Plus, when you consider the gains you will get from a pitcher trio of Scherzer, Holland, and Lackey over the alternatives in the 5th, 9th, and 13th rounds I think I have proven my point. One more thing to chew on for you is that I did not even go into the risk factors associated with a lesser tier closer like Perkins who finished the 2014 season with arm issues. Swap him out for Storen and you take a major hit to your K-total. Take Casilla instead of Perkins and you might get the Giants 8th inning man if Sergio Romo reclaims the 9th in San Francisco. Maybe you want Neftali Feliz instead of Perkins. Feliz has not thrown more than 42 innings since 2011. Or just take Addison Reed and run the risk of him thrashing your ERA and WHIP ratios.
Take a combination of Corey Kluber, Craig Kimbrel, and Matt Garza versus Julio Teheran, Alex Wood, and Drew Storen and the results are roughly the same as the scenario I have used above. Maybe your preference is Chris Sale, David Robertson, and Brandon McCarthy versus Cole Hamels, Jacob deGrom, and Addison Reed. Different names, same result.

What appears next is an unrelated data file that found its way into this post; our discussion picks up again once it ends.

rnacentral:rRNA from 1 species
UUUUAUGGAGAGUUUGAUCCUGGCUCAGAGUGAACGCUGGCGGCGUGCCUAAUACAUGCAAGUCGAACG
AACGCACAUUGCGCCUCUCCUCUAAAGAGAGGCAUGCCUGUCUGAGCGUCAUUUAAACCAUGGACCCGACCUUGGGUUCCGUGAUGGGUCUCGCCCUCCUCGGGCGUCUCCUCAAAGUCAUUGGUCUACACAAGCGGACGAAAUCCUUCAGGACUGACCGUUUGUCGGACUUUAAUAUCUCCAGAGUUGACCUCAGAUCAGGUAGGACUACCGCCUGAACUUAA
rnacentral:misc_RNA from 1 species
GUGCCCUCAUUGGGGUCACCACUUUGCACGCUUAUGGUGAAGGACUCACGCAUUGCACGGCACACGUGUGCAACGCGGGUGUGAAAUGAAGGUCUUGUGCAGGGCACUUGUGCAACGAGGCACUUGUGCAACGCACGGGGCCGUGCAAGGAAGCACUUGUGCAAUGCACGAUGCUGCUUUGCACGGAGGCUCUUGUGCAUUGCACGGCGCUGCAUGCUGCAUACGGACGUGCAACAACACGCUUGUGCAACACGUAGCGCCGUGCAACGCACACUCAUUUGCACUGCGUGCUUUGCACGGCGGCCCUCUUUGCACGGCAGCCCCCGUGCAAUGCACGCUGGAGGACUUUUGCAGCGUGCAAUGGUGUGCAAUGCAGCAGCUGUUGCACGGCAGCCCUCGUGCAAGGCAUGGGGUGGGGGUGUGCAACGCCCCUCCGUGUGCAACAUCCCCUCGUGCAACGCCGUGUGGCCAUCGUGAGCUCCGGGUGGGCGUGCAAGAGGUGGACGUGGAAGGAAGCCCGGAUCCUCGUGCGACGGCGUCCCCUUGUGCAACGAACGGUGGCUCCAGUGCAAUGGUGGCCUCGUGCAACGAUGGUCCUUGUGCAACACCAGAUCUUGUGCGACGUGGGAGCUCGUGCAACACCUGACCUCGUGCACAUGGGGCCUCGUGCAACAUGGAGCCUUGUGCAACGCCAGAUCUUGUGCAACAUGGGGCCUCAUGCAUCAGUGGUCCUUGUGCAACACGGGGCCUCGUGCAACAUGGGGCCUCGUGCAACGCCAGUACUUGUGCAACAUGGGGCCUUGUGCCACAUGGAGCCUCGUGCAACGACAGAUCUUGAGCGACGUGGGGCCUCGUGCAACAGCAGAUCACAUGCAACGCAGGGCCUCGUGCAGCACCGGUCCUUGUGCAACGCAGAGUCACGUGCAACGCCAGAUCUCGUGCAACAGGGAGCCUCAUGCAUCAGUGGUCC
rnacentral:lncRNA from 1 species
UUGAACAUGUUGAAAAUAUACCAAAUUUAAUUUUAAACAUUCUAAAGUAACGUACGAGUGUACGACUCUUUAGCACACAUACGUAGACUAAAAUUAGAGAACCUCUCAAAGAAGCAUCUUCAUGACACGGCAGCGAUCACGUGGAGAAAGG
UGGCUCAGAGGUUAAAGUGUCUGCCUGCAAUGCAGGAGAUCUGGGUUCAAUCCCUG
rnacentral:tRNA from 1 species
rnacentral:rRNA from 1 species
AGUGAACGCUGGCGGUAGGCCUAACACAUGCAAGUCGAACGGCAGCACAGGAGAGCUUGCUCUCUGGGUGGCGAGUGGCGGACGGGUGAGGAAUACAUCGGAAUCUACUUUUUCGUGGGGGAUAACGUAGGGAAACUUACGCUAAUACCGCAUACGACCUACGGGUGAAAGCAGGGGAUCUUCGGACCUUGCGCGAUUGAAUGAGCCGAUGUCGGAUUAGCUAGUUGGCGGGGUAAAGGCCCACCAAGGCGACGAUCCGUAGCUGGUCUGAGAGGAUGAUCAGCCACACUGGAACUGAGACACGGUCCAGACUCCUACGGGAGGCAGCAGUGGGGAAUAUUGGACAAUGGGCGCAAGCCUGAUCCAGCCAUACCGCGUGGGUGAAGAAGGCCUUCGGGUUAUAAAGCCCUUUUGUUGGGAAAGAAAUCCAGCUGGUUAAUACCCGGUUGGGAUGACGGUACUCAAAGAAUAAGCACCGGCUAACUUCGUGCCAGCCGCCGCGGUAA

Draft Joaquin Benoit, Not Steve Cishek
All Benoit has done the past five seasons is post ERAs of 1.34, 2.95, 3.68, 2.01, and 1.49. In that time Benoit’s WHIP results have been 0.68, 1.05, 1.14, 1.03, and 0.77. He threw between 54 and 71 innings in each of those five seasons and will go into 2015 with a clear path to the Padres’ closer role. Oh, he tends to offer his share of K’s as well with 76, 63, 84, 73 and 64 in that five-year time span.
Benoit is possibly heading into a contract year depending on what becomes of the team option attached to his contract. That can be both a positive and a negative for his appeal. On one end, it means he could be auditioning for his next contract. However, if the Padres fall out of contention Benoit could be someone else’s set up man come late July or early August. Another closer who could be another team’s set up man come late July or early August is Steve Cishek. No, Cishek is not headed into a contract year or anything like that. He simply plays for baseball’s most Jekyll and Hyde team. The Marlins love going all in, only to blow up their roster shortly after. Anyone other than Giancarlo Stanton is subject to a change of address at any time if they go into a season calling Miami their home during baseball season.